Sunday, August 25, 2013

Virtual Coffee Interview with Andrew Blackman
Andrew Blackman's first novel won the Luke Bitmead Bursary for new writers. Now working on his third novel and providing an editing service on the side, I have a few questions for him...

Hi Andrew. First of all, please tell us how you became a writer and what sort of thing you're drawn to write about?

I wanted to be a writer from an early age, so naturally I started out by becoming a corporate banker on Wall Street. Hmm... I think my logic at the time was that I would make a lot of money, retire young and then write, but I quickly realised this wasn't such a good plan. I quit and became a reporter at The Wall Street Journal, and at first it seemed ideal: it was writing, but with a regular salary. But then I found myself waking up at 6am every day to write my own stories, and knew that I wouldn't be really happy until I at least tried to do what I’d always wanted to do. So I quit, moved back to London and started to focus on fiction writing, while temping at night and at weekends to pay the bills. After a few years of failure, I finally got a break and got my first novel published.

My writing, I suppose, reflects some of my life experiences. I like to write about characters who are struggling to assert their own identities and wishes in the face of the world’s contradictory expectations. I write about people trying to live authentic lives, and the compromises they’re often forced to make in the process.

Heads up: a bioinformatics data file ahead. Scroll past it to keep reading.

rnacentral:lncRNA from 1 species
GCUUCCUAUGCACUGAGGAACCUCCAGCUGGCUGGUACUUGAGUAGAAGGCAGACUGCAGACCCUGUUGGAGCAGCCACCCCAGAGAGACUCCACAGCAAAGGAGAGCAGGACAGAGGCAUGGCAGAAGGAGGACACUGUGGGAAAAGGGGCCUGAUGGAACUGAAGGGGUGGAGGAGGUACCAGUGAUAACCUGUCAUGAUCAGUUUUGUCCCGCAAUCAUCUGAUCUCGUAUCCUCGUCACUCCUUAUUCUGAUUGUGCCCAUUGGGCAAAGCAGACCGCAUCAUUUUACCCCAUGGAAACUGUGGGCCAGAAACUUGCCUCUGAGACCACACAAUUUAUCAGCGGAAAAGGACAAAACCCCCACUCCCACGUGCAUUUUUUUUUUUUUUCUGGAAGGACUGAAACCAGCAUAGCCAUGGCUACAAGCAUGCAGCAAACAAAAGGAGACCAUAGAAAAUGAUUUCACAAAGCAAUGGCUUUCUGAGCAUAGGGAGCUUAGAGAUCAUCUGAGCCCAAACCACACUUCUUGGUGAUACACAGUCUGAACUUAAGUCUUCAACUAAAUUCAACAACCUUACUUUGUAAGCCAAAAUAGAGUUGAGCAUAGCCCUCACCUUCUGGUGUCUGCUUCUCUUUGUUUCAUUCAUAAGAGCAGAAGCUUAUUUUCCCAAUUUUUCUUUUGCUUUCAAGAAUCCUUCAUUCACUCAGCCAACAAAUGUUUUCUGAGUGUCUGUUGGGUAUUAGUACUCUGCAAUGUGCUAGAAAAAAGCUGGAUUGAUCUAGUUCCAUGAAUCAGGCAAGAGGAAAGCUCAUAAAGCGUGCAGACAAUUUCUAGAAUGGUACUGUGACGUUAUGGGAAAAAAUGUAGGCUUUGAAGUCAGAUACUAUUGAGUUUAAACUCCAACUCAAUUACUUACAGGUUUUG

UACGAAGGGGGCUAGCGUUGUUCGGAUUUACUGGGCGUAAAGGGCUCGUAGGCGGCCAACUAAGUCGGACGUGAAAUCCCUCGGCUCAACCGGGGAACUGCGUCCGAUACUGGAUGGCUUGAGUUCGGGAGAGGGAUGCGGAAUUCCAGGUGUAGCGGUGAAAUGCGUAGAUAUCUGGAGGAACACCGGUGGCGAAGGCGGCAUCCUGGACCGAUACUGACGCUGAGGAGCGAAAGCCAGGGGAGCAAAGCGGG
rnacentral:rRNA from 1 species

How did your first book, On The Holloway Road get published? Did you have strong ideas on the final product or were you happy to put it in the hands of your publishers?

It was a very straightforward process, actually, involving no mysterious contacts or connections or chance events. I just submitted my manuscript to a contest for unpublished writers, the Luke Bitmead Bursary, and a few months later discovered to my amazement that I’d won. The prize was a cheque for £2,500, and a publishing contract with Legend Press. About seven months later, the book came out.

Luckily there wasn't much conflict with my publishers over the final product. They only edited the book quite lightly, and when I disagreed with some edits they were mostly happy to go with my version (except for a few strange issues of “house style”). I left the cover design and the blurb to them, because I decided they knew more about it than I did. 

What a great start! Did you feel the need to get an agent after that? Have you stayed with the same publisher?

Yes, I was clear from the beginning that I wanted an agent as soon as possible. I signed up with my agent after I won the prize and before On the Holloway Road was published. Even though I already had the publishing deal, and even though I stayed with the same publisher for my second novel, having an agent helped because he could negotiate the details of the contracts on my behalf. I would have found that difficult to do myself, firstly because I don't feel as if I know enough about the intricacies of rights, royalties, ebook terms, etc, and secondly because I want to have a good relationship with my publisher. It's good to have someone else to go in and negotiate, so that I can just concentrate on working with them on the editing, publicity, etc. I also had a few approaches for film rights, and he handled those for me too. I think having an agent will be more useful as my career progresses and there's more complex stuff to handle, but I wanted to have one from the start.